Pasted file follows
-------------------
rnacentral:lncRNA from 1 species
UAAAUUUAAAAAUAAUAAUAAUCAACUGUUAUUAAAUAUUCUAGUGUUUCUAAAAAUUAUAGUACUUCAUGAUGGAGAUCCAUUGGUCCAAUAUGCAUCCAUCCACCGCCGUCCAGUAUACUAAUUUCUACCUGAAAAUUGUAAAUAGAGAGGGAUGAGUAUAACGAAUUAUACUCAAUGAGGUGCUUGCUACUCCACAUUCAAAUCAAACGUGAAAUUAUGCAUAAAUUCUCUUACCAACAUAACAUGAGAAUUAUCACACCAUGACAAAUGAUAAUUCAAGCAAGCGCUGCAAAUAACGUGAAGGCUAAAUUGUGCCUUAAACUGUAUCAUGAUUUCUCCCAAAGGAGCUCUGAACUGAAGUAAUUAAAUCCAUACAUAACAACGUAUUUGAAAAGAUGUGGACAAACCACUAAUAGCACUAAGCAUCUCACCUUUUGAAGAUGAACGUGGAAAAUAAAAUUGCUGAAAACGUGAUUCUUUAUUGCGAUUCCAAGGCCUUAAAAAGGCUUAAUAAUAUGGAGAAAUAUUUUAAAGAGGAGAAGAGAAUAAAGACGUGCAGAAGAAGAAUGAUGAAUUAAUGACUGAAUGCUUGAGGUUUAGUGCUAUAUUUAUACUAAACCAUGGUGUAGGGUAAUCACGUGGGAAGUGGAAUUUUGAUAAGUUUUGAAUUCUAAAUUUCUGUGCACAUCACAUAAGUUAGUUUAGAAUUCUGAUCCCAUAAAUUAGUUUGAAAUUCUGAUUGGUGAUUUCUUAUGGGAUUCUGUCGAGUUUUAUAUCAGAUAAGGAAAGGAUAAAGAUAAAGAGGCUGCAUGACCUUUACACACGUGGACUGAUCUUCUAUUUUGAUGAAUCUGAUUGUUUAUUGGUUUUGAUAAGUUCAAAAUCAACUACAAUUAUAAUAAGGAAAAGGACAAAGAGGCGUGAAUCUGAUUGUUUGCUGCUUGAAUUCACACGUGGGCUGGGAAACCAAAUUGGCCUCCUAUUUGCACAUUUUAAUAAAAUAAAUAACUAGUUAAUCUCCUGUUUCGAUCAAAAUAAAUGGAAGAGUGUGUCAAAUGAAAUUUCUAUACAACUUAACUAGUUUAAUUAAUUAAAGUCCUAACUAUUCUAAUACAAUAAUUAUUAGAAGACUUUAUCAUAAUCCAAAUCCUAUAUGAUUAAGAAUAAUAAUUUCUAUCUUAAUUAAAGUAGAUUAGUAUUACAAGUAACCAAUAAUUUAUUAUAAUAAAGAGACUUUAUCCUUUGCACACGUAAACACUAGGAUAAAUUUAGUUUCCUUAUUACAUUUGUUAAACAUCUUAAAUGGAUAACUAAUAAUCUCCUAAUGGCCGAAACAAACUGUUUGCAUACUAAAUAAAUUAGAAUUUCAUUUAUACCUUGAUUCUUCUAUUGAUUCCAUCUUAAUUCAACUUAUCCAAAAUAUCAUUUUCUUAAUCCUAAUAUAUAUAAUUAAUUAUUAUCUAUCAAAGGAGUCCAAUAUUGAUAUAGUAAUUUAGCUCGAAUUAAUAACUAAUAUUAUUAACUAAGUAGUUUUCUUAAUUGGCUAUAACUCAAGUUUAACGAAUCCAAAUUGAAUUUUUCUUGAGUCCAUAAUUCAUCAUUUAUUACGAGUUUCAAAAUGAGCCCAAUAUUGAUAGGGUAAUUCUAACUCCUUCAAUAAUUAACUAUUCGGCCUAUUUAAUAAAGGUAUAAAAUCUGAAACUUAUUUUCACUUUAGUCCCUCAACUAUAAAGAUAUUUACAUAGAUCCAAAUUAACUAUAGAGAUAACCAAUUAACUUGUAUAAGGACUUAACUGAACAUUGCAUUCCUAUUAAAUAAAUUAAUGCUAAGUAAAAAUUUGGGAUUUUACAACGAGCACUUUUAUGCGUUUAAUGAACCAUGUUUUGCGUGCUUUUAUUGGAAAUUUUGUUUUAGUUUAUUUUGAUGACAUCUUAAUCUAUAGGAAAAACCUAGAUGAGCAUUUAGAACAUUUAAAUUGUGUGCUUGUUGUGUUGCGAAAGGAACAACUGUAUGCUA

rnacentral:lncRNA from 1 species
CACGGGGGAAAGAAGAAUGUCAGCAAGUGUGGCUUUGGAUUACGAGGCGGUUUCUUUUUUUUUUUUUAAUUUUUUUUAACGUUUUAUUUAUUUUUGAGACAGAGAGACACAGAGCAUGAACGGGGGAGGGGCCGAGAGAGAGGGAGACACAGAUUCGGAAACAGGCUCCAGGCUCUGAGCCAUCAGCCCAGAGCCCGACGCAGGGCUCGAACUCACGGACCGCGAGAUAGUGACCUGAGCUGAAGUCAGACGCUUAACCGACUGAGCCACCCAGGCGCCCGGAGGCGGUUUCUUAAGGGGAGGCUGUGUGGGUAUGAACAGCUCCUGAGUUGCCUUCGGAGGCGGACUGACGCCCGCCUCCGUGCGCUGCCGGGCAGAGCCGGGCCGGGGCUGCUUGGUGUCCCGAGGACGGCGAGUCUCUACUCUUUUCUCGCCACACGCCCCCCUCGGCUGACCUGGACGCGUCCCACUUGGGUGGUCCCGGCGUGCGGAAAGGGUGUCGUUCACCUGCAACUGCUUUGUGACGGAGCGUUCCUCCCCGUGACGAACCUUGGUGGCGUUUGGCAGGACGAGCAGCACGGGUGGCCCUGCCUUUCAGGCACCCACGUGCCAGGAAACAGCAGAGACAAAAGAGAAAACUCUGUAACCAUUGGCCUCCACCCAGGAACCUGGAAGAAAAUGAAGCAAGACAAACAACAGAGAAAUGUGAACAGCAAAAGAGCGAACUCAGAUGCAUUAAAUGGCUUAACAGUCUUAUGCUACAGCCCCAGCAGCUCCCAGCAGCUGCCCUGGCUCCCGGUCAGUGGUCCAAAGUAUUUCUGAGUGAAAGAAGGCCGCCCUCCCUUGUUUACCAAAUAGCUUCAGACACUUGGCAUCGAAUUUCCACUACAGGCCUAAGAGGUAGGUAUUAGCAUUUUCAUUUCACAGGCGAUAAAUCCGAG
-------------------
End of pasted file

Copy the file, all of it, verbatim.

rnacentral:lncRNA from 1 species
UAAAUUUAAAAAUAAUAAUAAUCAACUGUUAUUAAAUAUUCUAGUGUUUCUAAAAAUUAUAGUACUUCAUGAUGGAGAUCCAUUGGUCCAAUAUGCAUCCAUCCACCGCCGUCCAGUAUACUAAUUUCUACCUGAAAAUUGUAAAUAGAGAGGGAUGAGUAUAACGAAUUAUACUCAAUGAGGUGCUUGCUACUCCACAUUCAAAUCAAACGUGAAAUUAUGCAUAAAUUCUCUUACCAACAUAACAUGAGAAUUAUCACACCAUGACAAAUGAUAAUUCAAGCAAGCGCUGCAAAUAACGUGAAGGCUAAAUUGUGCCUUAAACUGUAUCAUGAUUUCUCCCAAAGGAGCUCUGAACUGAAGUAAUUAAAUCCAUACAUAACAACGUAUUUGAAAAGAUGUGGACAAACCACUAAUAGCACUAAGCAUCUCACCUUUUGAAGAUGAACGUGGAAAAUAAAAUUGCUGAAAACGUGAUUCUUUAUUGCGAUUCCAAGGCCUUAAAAAGGCUUAAUAAUAUGGAGAAAUAUUUUAAAGAGGAGAAGAGAAUAAAGACGUGCAGAAGAAGAAUGAUGAAUUAAUGACUGAAUGCUUGAGGUUUAGUGCUAUAUUUAUACUAAACCAUGGUGUAGGGUAAUCACGUGGGAAGUGGAAUUUUGAUAAGUUUUGAAUUCUAAAUUUCUGUGCACAUCACAUAAGUUAGUUUAGAAUUCUGAUCCCAUAAAUUAGUUUGAAAUUCUGAUUGGUGAUUUCUUAUGGGAUUCUGUCGAGUUUUAUAUCAGAUAAGGAAAGGAUAAAGAUAAAGAGGCUGCAUGACCUUUACACACGUGGACUGAUCUUCUAUUUUGAUGAAUCUGAUUGUUUAUUGGUUUUGAUAAGUUCAAAAUCAACUACAAUUAUAAUAAGGAAAAGGACAAAGAGGCGUGAAUCUGAUUGUUUGCUGCUUGAAUUCACACGUGGGCUGGGAAACCAAAUUGGCCUCCUAUUUGCACAUUUUAAUAAAAUAAAUAACUAGUUAAUCUCCUGUUUCGAUCAAAAUAAAUGGAAGAGUGUGUCAAAUGAAAUUUCUAUACAACUUAACUAGUUUAAUUAAUUAAAGUCCUAACUAUUCUAAUACAAUAAUUAUUAGAAGACUUUAUCAUAAUCCAAAUCCUAUAUGAUUAAGAAUAAUAAUUUCUAUCUUAAUUAAAGUAGAUUAGUAUUACAAGUAACCAAUAAUUUAUUAUAAUAAAGAGACUUUAUCCUUUGCACACGUAAACACUAGGAUAAAUUUAGUUUCCUUAUUACAUUUGUUAAACAUCUUAAAUGGAUAACUAAUAAUCUCCUAAUGGCCGAAACAAACUGUUUGCAUACUAAAUAAAUUAGAAUUUCAUUUAUACCUUGAUUCUUCUAUUGAUUCCAUCUUAAUUCAACUUAUCCAAAAUAUCAUUUUCUUAAUCCUAAUAUAUAUAAUUAAUUAUUAUCUAUCAAAGGAGUCCAAUAUUGAUAUAGUAAUUUAGCUCGAAUUAAUAACUAAUAUUAUUAACUAAGUAGUUUUCUUAAUUGGCUAUAACUCAAGUUUAACGAAUCCAAAUUGAAUUUUUCUUGAGUCCAUAAUUCAUCAUUUAUUACGAGUUUCAAAAUGAGCCCAAUAUUGAUAGGGUAAUUCUAACUCCUUCAAUAAUUAACUAUUCGGCCUAUUUAAUAAAGGUAUAAAAUCUGAAACUUAUUUUCACUUUAGUCCCUCAACUAUAAAGAUAUUUACAUAGAUCCAAAUUAACUAUAGAGAUAACCAAUUAACUUGUAUAAGGACUUAACUGAACAUUGCAUUCCUAUUAAAUAAAUUAAUGCUAAGUAAAAAUUUGGGAUUUUACAACGAGCACUUUUAUGCGUUUAAUGAACCAUGUUUUGCGUGCUUUUAUUGGAAAUUUUGUUUUAGUUUAUUUUGAUGACAUCUUAAUCUAUAGGAAAAACCUAGAUGAGCAUUUAGAACAUUUAAAUUGUGUGCUUGUUGUGUUGCGAAAGGAACAACUGUAUGCUA

rnacentral:lncRNA from 1 species
CACGGGGGAAAGAAGAAUGUCAGCAAGUGUGGCUUUGGAUUACGAGGCGGUUUCUUUUUUUUUUUUUAAUUUUUUUUAACGUUUUAUUUAUUUUUGAGACAGAGAGACACAGAGCAUGAACGGGGGAGGGGCCGAGAGAGAGGGAGACACAGAUUCGGAAACAGGCUCCAGGCUCUGAGCCAUCAGCCCAGAGCCCGACGCAGGGCUCGAACUCACGGACCGCGAGAUAGUGACCUGAGCUGAAGUCAGACGCUUAACCGACUGAGCCACCCAGGCGCCCGGAGGCGGUUUCUUAAGGGGAGGCUGUGUGGGUAUGAACAGCUCCUGAGUUGCCUUCGGAGGCGGACUGACGCCCGCCUCCGUGCGCUGCCGGGCAGAGCCGGGCCGGGGCUGCUUGGUGUCCCGAGGACGGCGAGUCUCUACUCUUUUCUCGCCACACGCCCCCCUCGGCUGACCUGGACGCGUCCCACUUGGGUGGUCCCGGCGUGCGGAAAGGGUGUCGUUCACCUGCAACUGCUUUGUGACGGAGCGUUCCUCCCCGUGACGAACCUUGGUGGCGUUUGGCAGGACGAGCAGCACGGGUGGCCCUGCCUUUCAGGCACCCACGUGCCAGGAAACAGCAGAGACAAAAGAGAAAACUCUGUAACCAUUGGCCUCCACCCAGGAACCUGGAAGAAAAUGAAGCAAGACAAACAACAGAGAAAUGUGAACAGCAAAAGAGCGAACUCAGAUGCAUUAAAUGGCUUAACAGUCUUAUGCUACAGCCCCAGCAGCUCCCAGCAGCUGCCCUGGCUCCCGGUCAGUGGUCCAAAGUAUUUCUGAGUGAAAGAAGGCCGCCCUCCCUUGUUUACCAAAUAGCUUCAGACACUUGGCAUCGAAUUUCCACUACAGGCCUAAGAGGUAGGUAUUAGCAUUUUCAUUUCACAGGCGAUAAAUCCGAG